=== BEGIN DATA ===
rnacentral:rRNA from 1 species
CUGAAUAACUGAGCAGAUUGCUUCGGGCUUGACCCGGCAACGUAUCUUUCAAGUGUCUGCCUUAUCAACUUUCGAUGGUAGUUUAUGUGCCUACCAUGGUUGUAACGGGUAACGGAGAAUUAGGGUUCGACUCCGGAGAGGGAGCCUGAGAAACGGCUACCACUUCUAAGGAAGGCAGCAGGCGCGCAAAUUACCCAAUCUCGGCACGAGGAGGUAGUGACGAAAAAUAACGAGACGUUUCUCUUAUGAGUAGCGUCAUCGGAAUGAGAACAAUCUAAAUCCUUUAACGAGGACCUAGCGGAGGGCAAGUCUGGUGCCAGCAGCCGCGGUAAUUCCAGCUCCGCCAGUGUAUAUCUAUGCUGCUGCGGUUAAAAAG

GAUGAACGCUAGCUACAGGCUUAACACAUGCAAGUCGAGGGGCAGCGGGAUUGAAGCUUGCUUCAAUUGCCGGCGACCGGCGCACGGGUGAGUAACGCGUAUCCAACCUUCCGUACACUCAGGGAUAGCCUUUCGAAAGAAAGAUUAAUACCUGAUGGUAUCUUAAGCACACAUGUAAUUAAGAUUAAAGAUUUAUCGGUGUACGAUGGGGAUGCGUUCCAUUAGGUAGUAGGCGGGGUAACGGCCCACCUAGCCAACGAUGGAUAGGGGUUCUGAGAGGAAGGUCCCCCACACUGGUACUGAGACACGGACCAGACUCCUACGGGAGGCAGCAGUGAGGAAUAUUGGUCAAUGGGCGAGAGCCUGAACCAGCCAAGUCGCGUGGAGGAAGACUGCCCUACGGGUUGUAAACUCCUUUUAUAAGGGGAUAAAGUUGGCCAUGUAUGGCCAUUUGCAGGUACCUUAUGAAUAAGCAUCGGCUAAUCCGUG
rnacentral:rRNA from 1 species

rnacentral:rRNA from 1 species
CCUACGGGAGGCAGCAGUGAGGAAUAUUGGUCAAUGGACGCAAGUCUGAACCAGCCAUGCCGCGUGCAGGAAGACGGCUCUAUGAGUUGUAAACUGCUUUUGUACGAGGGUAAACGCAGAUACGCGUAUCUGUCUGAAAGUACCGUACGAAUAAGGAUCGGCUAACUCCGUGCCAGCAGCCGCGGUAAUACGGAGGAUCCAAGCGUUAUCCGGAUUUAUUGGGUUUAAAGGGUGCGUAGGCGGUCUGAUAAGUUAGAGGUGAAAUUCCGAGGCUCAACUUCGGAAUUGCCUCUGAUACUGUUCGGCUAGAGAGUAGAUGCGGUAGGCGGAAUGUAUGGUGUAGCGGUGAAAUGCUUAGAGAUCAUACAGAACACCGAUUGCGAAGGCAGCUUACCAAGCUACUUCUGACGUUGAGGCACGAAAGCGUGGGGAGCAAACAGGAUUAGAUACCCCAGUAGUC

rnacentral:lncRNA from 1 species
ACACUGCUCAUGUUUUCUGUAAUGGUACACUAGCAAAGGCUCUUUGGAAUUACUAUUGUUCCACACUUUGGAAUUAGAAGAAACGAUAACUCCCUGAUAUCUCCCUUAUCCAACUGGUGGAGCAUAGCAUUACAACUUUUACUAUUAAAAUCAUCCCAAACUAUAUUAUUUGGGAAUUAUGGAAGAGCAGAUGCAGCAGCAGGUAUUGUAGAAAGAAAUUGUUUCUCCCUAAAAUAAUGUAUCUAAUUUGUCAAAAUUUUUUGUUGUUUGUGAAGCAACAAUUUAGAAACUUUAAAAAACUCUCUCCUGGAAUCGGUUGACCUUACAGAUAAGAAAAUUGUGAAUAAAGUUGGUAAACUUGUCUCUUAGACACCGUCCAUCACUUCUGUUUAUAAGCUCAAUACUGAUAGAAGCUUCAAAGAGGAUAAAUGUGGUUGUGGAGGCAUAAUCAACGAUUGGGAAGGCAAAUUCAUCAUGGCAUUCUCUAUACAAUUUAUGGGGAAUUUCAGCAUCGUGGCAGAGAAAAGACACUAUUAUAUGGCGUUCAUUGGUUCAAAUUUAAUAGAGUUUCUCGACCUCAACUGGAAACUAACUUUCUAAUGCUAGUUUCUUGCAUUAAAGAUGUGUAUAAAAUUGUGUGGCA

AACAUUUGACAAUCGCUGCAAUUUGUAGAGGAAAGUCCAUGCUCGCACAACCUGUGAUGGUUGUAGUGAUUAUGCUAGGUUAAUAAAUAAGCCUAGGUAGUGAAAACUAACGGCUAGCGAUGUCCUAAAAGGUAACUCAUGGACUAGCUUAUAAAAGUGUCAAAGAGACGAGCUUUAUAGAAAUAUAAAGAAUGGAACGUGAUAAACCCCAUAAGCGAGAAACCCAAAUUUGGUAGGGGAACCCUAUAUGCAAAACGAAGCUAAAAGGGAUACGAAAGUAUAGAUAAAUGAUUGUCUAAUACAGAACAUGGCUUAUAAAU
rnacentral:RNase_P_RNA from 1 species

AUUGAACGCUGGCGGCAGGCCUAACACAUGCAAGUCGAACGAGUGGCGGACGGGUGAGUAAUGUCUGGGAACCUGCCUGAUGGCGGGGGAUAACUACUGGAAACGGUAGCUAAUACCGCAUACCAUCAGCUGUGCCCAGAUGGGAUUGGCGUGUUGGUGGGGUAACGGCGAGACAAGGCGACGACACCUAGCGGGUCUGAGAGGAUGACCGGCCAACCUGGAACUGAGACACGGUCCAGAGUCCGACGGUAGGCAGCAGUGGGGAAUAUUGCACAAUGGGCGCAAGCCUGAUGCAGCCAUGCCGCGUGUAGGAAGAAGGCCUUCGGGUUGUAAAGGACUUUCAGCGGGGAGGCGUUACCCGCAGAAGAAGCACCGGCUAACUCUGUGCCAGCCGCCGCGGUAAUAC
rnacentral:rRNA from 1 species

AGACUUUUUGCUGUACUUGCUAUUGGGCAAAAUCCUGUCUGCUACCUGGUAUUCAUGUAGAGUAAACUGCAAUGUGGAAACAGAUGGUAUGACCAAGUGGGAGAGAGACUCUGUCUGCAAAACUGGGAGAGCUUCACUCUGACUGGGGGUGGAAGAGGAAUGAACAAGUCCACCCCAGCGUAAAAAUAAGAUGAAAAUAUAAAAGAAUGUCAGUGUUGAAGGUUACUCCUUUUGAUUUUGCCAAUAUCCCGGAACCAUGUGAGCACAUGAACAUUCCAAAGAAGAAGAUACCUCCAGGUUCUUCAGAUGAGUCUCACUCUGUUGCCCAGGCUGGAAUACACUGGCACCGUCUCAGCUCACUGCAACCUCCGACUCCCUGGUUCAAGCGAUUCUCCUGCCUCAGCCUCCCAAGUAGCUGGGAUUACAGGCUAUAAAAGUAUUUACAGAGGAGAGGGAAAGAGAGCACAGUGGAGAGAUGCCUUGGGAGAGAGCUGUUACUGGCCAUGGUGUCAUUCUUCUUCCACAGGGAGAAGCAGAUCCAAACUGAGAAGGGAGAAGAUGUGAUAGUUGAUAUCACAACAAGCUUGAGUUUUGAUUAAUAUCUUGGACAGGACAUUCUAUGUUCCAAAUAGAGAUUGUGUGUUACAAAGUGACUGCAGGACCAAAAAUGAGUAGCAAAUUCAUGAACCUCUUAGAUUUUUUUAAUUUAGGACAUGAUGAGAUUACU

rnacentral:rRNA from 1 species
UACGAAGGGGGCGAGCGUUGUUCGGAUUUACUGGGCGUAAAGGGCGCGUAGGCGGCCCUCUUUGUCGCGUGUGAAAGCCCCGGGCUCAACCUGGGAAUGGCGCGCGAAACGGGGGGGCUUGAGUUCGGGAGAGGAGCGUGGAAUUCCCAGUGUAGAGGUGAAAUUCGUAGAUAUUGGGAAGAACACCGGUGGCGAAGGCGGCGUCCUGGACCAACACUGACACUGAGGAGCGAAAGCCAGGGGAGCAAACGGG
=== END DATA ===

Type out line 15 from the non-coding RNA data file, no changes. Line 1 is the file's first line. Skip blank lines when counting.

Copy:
UACGAAGGGGGCGAGCGUUGUUCGGAUUUACUGGGCGUAAAGGGCGCGUAGGCGGCCCUCUUUGUCGCGUGUGAAAGCCCCGGGCUCAACCUGGGAAUGGCGCGCGAAACGGGGGGGCUUGAGUUCGGGAGAGGAGCGUGGAAUUCCCAGUGUAGAGGUGAAAUUCGUAGAUAUUGGGAAGAACACCGGUGGCGAAGGCGGCGUCCUGGACCAACACUGACACUGAGGAGCGAAAGCCAGGGGAGCAAACGGG